IBM has not put any proprietary Sys V Unix code into Linux, and so far
    NewSCO has not been able to point to any specific code that it claims is
    infringing its alleged copyrights (which in any case it does not have).

    All Linux development is done in full view of anybody and everybody who
    wishes to keep an eye on it. If there is any infringing code, SCO would be
    able to publically point to it and require its immediate removal.

    And besides, NewSCO was invited by Linux developers to specify what the
    offending code (if any) there was so that it could be immediately taken
    out. NewSCO refused to specify which code was infringing.


    Have A Nice Cup of Tea

    --
    Mary Ann Fisher: "Governments worldwide are spending more than US$3 billion
    a year on Linux hardware, software and services, and this is growing at 35%
    a year, but it’s the US military that is spending the most. They view it as
    a source of innovation."
     
    Have A Nice Cup of Tea, Mar 19, 2006
    #27
  8. On Sat, 18 Mar 2006 21:52:44 -0500, impossible wrote:

    > "Have A Nice Cup of Tea" <> wrote in message
    > news:p...
    >> On Sat, 18 Mar 2006 20:57:00 -0500, impossible wrote:
    >>
    >>>>> The Linux kernel is protected by the GPL. As are any modules
    >>>>> "derived" from the Linux kernel. But drivers and applications are
    >>>>> not
    >>>>> considered derived works, and so these can be made completely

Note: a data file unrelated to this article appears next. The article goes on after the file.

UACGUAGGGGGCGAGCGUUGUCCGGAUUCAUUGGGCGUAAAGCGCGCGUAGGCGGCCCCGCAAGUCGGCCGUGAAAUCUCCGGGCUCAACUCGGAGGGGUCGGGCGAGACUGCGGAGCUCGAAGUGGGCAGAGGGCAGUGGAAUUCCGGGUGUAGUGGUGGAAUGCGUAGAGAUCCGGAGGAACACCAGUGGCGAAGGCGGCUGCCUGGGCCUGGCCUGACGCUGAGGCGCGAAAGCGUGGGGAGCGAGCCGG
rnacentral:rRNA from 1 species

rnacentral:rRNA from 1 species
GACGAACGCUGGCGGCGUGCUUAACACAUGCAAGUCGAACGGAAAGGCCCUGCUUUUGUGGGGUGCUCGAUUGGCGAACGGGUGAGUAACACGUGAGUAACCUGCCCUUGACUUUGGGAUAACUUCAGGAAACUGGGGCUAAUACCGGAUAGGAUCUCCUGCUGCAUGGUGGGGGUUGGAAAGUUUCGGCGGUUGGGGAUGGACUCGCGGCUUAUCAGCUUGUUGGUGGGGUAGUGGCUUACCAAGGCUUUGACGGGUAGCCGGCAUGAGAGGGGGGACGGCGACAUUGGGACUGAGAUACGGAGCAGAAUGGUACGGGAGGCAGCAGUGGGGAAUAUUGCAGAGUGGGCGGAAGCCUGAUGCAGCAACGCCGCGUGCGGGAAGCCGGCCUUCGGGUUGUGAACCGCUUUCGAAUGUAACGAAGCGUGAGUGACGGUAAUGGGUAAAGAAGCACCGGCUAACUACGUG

>>>>> proprietary.
    >>>>
    >>>> Not so if they too have been released under the GPL.
    >>>
    >>> Point me to the link for one of the non-trivial applications that
    >>> IBM
    >>> has developed in the past year that has been released under the
    >>> GPL.

    >>
    >> But who has been discussing IBM's proprietary software?

    >
    > Duh! Software "released under the GPL" would not be proprietary. Would
    > it? So tell me where I can go to avail myself of all the open-source
    > applications that you seem to think IBM is in the business of
    > producing.


    I think you're barking up the wrong tree, mate.

    IBM has made substantial contributions to Linux kernel development.


    Have A Nice Cup of Tea

    --
    1/ Migration to Linux only costs money once. Higher Windows TCO is forever.
    2/ "Shared source" is a poison pill. Open Source is freedom.
    3/ Only the Windows boxes get the worms.
     
    Have A Nice Cup of Tea, Mar 19, 2006
    #28
  9. thing2

    Don Hills Guest

    In article <>,
    "impossible" <> wrote:
    >
    >Duh! Software "released under the GPL" would not be proprietary. Would
    >it? So tell me where I can go to avail myself of all the open-source
    >applications that you seem to think IBM is in the business of
    >producing.


    Object REXX. Originally developed (and sold) by IBM as a proprietary
    product, and recently released as an Open Source product. There are others,
    I just remember this one because I use it.

    --
    Don Hills (dmhills at attglobaldotnet) Wellington, New Zealand
    "New interface closely resembles Presentation Manager,
    preparing you for the wonders of OS/2!"
    -- Advertisement on the box for Microsoft Windows 2.11 for 286
     
    Don Hills, Mar 19, 2006
    #29
  10. thing2

    s.t.e.v.e. Guest

    impossible wrote: